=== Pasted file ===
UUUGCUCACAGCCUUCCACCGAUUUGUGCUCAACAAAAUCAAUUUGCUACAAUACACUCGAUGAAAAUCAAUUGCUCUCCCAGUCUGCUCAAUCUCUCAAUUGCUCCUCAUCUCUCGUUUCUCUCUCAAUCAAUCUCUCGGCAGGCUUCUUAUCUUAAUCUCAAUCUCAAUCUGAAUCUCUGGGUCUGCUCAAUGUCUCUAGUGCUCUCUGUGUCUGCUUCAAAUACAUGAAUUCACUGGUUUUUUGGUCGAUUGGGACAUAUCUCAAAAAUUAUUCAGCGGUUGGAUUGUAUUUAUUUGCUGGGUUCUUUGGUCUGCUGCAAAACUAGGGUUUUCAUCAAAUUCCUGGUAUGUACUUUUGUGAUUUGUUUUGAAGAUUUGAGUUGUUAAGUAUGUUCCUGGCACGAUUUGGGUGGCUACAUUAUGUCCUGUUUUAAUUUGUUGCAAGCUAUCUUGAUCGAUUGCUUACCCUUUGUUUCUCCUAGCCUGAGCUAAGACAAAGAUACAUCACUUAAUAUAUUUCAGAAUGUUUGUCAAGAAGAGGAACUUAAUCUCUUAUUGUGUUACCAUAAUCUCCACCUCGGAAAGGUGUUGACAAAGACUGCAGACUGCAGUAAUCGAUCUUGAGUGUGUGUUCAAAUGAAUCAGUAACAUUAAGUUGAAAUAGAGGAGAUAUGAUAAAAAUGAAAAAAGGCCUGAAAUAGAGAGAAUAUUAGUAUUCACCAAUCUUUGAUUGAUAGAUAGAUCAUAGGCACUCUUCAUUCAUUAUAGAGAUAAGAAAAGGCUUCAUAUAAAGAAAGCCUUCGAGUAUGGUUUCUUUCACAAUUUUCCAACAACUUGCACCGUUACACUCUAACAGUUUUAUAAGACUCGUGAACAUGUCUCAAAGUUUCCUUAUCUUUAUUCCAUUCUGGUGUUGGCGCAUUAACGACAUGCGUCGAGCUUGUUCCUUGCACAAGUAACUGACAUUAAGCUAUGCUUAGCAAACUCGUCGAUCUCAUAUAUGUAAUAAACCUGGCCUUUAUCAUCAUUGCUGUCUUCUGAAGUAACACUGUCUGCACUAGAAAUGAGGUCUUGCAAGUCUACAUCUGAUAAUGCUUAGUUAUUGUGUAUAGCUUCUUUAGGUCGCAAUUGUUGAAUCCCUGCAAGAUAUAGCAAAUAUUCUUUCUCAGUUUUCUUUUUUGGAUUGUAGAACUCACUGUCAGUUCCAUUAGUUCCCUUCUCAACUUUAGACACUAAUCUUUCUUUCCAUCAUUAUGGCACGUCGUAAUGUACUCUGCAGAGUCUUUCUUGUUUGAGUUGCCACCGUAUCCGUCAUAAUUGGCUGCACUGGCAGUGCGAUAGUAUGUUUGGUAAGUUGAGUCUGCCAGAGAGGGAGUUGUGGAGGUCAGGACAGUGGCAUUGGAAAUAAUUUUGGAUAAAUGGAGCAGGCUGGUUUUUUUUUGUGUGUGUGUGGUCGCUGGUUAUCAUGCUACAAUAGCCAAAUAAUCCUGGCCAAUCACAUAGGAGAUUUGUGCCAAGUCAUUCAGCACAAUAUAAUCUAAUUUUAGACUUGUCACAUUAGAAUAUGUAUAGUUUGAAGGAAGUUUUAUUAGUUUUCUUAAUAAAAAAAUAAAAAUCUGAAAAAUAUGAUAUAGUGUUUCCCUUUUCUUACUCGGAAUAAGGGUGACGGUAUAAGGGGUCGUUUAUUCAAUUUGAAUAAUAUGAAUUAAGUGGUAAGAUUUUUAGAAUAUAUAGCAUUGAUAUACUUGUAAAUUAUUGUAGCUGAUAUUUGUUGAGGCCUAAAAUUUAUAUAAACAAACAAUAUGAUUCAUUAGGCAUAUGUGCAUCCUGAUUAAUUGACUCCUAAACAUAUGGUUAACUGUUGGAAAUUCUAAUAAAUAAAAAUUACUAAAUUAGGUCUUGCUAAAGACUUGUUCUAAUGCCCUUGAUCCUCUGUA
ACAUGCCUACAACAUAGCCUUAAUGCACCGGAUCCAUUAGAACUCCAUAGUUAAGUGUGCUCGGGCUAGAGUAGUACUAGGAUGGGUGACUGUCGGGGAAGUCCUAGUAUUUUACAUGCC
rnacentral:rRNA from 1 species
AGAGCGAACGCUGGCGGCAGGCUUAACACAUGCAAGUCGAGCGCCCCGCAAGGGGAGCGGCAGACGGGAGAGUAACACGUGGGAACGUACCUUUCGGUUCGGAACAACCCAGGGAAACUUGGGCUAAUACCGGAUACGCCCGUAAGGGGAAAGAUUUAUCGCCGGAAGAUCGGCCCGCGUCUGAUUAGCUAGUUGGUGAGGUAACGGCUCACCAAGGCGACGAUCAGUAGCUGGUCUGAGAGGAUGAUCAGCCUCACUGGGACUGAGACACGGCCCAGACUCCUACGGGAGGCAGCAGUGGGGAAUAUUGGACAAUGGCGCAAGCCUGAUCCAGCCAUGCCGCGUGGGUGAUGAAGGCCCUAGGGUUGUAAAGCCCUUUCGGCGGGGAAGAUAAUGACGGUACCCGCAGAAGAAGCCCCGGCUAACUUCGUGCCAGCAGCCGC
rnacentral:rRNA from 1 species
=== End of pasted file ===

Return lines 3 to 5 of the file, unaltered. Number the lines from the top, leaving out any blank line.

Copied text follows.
rnacentral:rRNA from 1 species
AGAGCGAACGCUGGCGGCAGGCUUAACACAUGCAAGUCGAGCGCCCCGCAAGGGGAGCGGCAGACGGGAGAGUAACACGUGGGAACGUACCUUUCGGUUCGGAACAACCCAGGGAAACUUGGGCUAAUACCGGAUACGCCCGUAAGGGGAAAGAUUUAUCGCCGGAAGAUCGGCCCGCGUCUGAUUAGCUAGUUGGUGAGGUAACGGCUCACCAAGGCGACGAUCAGUAGCUGGUCUGAGAGGAUGAUCAGCCUCACUGGGACUGAGACACGGCCCAGACUCCUACGGGAGGCAGCAGUGGGGAAUAUUGGACAAUGGCGCAAGCCUGAUCCAGCCAUGCCGCGUGGGUGAUGAAGGCCCUAGGGUUGUAAAGCCCUUUCGGCGGGGAAGAUAAUGACGGUACCCGCAGAAGAAGCCCCGGCUAACUUCGUGCCAGCAGCCGC
rnacentral:rRNA from 1 species